Athenian noise rock quartet Krause have been around since 2015, attracting small but dedicated followings in both Greece and the UK. Their debut album, ‘2am Thoughts’ (2017), marked them out as a band of interest for lovers of the sort of heavy, sludgey noise rock made by Amphetamine Reptile artists like Unsane and Cows back in the early 90s. Their second album, ‘The Ecstasy of Infinite Sterility’ (2019), was in much the same vein; Krause did not alter their sound drastically, they just made it slightly dirtier and uglier, and it was no less sonically impressive or enjoyable than their debut as a result. Their latest album, ‘The Art of Fatigue’, is their best album yet. It sees them teaming up with engineer Giorgos Christoforidis, who brings metallic hardcore tinges to the band’s sound through the way he layers all the instrumentation into this thick, dense mix.
The way in which the guitars, bass, and drums all meld together on opening track ‘Ignorant Acts of Stunted Vision’ sets the tone well for what is to follow. The tempo speeds up significantly on ‘Crowdfunded Assassination’ and ‘Sloppy Human Excess’. In fact, it doesn’t let up for the entirety of the album’s first side and beyond, as Krause blast through ‘The Stuff of Tired Eyes’, ‘Talentless but Connected’, ‘Steeped in Disaster’, and ‘Bootstrap Reactionaries and Alienated Intelligentsia’ like their lives depend on it.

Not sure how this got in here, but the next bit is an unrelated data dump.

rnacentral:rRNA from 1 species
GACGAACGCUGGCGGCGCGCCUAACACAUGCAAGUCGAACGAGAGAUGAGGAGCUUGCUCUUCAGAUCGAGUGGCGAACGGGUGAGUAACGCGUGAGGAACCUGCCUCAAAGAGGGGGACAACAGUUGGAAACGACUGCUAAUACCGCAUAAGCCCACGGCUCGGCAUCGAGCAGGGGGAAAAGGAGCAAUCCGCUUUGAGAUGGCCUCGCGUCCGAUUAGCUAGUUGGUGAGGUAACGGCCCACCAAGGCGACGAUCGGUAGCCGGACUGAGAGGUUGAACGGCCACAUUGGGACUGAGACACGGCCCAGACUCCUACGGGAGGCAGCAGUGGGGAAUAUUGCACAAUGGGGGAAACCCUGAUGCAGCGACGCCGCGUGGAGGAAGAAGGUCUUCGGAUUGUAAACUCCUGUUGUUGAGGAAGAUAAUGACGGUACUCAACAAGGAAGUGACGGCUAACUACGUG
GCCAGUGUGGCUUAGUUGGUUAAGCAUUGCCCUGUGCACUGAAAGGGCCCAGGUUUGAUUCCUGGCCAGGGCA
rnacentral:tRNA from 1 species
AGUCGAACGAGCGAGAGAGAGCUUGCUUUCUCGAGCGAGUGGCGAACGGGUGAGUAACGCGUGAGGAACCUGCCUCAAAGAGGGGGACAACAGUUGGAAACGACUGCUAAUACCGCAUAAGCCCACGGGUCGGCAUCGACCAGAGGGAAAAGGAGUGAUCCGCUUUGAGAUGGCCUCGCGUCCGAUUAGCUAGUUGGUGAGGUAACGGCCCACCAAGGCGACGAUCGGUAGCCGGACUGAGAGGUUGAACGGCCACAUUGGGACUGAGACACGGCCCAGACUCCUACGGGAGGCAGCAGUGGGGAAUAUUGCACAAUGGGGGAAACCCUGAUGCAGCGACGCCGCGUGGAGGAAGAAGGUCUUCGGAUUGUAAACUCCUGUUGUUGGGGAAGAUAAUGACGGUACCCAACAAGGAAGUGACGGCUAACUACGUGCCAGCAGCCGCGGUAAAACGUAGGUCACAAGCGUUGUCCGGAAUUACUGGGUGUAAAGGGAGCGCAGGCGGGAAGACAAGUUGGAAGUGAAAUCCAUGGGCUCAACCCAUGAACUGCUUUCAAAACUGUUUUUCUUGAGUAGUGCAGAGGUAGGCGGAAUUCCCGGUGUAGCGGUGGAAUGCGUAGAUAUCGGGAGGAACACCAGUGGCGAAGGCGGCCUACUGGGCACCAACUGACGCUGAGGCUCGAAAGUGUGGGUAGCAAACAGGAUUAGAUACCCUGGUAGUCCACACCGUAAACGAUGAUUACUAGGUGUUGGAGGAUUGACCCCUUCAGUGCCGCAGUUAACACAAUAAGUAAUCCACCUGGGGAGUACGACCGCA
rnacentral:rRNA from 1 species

‘Ceremonial Aspects of Everyday Bloodbaths’ and ‘Stressworld’ may have a slower pace to them than what has preceded them, but this just enables appreciation of Christoforidis’ excellently sludgey layering of the instrumentation at a more listener-friendly pace. Alongside the music, all of which is played flawlessly, another noteworthy thing about ‘The Art of Fatigue’ is frontman Alex Vagenas’ vocals, which recall those of Unsane’s Chris Spencer at their best, but manage to sound even more strained and pained. When the sessions for this album were over, the poor man’s throat must have hurt considerably.
The speedy ‘Hot Bods and Prohibition’ and the comparatively, slow, thick, dense, six-minute epic ‘The Things I Love Affront Me with the Effort It Takes to Love Them’ bring ‘The Art of Fatigue’ to a close, and when it’s over, the abiding feeling the album leaves is one of having been impressed. Over just 32 minutes of music, Krause have created some of the heaviest, filthiest noise rock released so far this year, cementing their place as one of the most exciting emerging noise rock bands in the process. It would be possible to fill up the rest of this review with superlatives, but that would be doing the band and the reader a disservice. Seriously, go and listen to this album now. It is the best album of 2022 so far, one whose music cannot be done justice by mere words. If there’s any justice, it will lead to Krause selling out the Scala and being added to major festival bills. ‘The Art of Fatigue’ is available now via Venerate Industries. Order it here.